Hayward Army Air Field is located in the County of Alameda, two miles west of Hayward and 11 miles southeast of Oakland, California. The site consisted of 727.125 acres: 713.05 acres fee was acquired from private owners between December 2, 1942 and July 10, 1944; 14.02 acres easement was acquired from Leslie Salt Company, the City of Hayward and private owners between April 17, 1943 and May 5, 1944; and 0.055 of an acre license was acquired from Southern Pacific Company on April 27, 1943. All property was acquired by direct purchase or Declaration of Taking.

Hayward Army Air Field was used by the Fourth Air Force) as a sub-base of Chico Army Air Field and later Hammer Field, and a military reservation which included an easement known as Sulphur Creek Drainage Ditch near the area of Russell city Air Field. Use of this property at the time of acquisition was agricultural, with the exception of one pickle processing plant and one trucking agency. buildings and improvements constructed on the site consisted of: housing, barracks, day room, mess hall, dispensary, lavatories, club house, school, shops, fire station, guard shelter, beacon tower, storehouse, paint shop, four 25,000 gallons underground gasoline storage tanks, runways, taxi apron, incinerator, siren and tower, sheds and fuel pits. Some of original farm buildings were left on the land for camouflage purposes.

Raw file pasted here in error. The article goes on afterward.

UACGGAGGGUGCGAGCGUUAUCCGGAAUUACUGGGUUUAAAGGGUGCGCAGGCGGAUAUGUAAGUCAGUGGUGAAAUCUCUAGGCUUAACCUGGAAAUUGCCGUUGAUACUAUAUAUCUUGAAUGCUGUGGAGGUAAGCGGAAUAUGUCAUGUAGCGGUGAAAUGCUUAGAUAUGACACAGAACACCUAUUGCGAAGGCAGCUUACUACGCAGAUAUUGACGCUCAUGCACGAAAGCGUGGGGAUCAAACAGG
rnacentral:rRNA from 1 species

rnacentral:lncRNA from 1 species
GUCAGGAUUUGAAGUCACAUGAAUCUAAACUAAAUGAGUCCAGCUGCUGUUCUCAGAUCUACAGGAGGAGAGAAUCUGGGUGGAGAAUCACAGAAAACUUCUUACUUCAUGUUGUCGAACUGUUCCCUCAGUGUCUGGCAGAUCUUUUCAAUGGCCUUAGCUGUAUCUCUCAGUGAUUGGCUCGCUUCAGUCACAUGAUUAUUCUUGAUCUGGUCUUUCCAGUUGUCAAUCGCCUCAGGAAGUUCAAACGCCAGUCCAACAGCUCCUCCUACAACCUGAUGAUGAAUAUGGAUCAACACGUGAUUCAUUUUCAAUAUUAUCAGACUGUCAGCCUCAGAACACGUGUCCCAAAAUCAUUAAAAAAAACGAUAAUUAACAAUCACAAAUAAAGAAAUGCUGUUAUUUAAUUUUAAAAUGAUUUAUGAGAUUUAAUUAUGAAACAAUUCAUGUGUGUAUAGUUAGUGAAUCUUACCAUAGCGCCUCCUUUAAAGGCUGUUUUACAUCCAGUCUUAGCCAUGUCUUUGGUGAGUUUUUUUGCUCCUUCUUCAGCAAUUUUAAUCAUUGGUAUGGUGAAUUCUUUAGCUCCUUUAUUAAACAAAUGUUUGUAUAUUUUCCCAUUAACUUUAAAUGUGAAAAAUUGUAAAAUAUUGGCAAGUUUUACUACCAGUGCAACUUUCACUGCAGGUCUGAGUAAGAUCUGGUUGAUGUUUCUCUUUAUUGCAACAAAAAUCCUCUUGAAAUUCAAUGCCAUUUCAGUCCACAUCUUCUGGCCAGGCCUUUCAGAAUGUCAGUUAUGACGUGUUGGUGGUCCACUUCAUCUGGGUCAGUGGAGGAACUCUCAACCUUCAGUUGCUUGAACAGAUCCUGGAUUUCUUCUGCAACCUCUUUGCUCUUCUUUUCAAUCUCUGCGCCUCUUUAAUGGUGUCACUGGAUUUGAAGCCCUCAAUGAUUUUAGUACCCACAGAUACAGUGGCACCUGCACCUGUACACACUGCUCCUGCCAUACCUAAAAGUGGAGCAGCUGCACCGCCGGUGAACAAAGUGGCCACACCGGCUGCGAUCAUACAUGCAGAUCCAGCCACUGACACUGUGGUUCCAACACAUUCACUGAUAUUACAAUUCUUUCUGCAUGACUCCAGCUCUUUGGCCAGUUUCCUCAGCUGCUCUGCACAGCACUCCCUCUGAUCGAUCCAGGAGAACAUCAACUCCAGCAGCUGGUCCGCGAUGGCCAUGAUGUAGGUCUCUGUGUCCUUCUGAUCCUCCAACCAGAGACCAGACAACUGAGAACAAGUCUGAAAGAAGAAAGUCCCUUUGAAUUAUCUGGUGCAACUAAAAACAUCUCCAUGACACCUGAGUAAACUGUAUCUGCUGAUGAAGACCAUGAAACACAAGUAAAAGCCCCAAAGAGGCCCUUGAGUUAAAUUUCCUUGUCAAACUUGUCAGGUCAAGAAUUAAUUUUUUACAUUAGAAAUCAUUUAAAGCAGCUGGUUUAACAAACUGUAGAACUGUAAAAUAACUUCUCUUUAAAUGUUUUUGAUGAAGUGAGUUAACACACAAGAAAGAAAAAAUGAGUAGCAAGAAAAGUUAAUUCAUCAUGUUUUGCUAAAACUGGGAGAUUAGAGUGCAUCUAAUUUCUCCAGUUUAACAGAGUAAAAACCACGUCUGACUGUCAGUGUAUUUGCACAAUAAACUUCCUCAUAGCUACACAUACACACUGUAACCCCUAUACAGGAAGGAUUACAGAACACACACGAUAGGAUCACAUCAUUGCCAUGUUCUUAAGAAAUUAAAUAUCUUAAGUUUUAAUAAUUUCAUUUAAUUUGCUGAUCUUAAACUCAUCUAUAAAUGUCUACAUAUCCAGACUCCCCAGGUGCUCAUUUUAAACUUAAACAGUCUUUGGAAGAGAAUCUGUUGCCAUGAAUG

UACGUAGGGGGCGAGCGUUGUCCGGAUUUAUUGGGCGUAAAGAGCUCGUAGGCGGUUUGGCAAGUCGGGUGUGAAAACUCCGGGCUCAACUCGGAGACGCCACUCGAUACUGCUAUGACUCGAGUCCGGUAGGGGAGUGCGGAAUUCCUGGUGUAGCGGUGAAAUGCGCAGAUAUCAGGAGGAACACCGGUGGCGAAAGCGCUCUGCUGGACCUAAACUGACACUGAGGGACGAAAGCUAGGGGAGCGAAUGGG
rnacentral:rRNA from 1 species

Real property disposal report was dated November 15, 1945. The War Assets Administration (WAA) assumed accountability of the 727.125 acres on December 20, 1946. On July 18, 1946, 22.17 acres were transferred, at the request of the WAA, by the War Department to the Federal Public Housing Authority. By deed dated April 16, 1947, 690.88 acres were quitclaimed to